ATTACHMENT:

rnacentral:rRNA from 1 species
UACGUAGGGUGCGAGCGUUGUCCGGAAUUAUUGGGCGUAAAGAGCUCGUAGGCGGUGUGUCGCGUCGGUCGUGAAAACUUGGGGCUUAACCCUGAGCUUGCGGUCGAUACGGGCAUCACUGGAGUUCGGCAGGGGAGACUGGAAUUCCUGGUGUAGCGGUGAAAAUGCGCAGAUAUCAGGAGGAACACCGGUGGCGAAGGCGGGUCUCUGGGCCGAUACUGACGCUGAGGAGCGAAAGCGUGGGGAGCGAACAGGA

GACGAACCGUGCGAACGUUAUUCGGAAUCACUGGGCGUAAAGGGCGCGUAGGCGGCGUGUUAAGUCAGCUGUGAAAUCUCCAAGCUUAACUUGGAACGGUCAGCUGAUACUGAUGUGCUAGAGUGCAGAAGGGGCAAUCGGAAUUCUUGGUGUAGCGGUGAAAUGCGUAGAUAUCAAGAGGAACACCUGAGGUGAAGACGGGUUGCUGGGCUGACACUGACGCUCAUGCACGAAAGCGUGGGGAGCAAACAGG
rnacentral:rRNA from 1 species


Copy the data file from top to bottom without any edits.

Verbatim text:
rnacentral:rRNA from 1 species
UACGUAGGGUGCGAGCGUUGUCCGGAAUUAUUGGGCGUAAAGAGCUCGUAGGCGGUGUGUCGCGUCGGUCGUGAAAACUUGGGGCUUAACCCUGAGCUUGCGGUCGAUACGGGCAUCACUGGAGUUCGGCAGGGGAGACUGGAAUUCCUGGUGUAGCGGUGAAAAUGCGCAGAUAUCAGGAGGAACACCGGUGGCGAAGGCGGGUCUCUGGGCCGAUACUGACGCUGAGGAGCGAAAGCGUGGGGAGCGAACAGGA

GACGAACCGUGCGAACGUUAUUCGGAAUCACUGGGCGUAAAGGGCGCGUAGGCGGCGUGUUAAGUCAGCUGUGAAAUCUCCAAGCUUAACUUGGAACGGUCAGCUGAUACUGAUGUGCUAGAGUGCAGAAGGGGCAAUCGGAAUUCUUGGUGUAGCGGUGAAAUGCGUAGAUAUCAAGAGGAACACCUGAGGUGAAGACGGGUUGCUGGGCUGACACUGACGCUCAUGCACGAAAGCGUGGGGAGCAAACAGG
rnacentral:rRNA from 1 species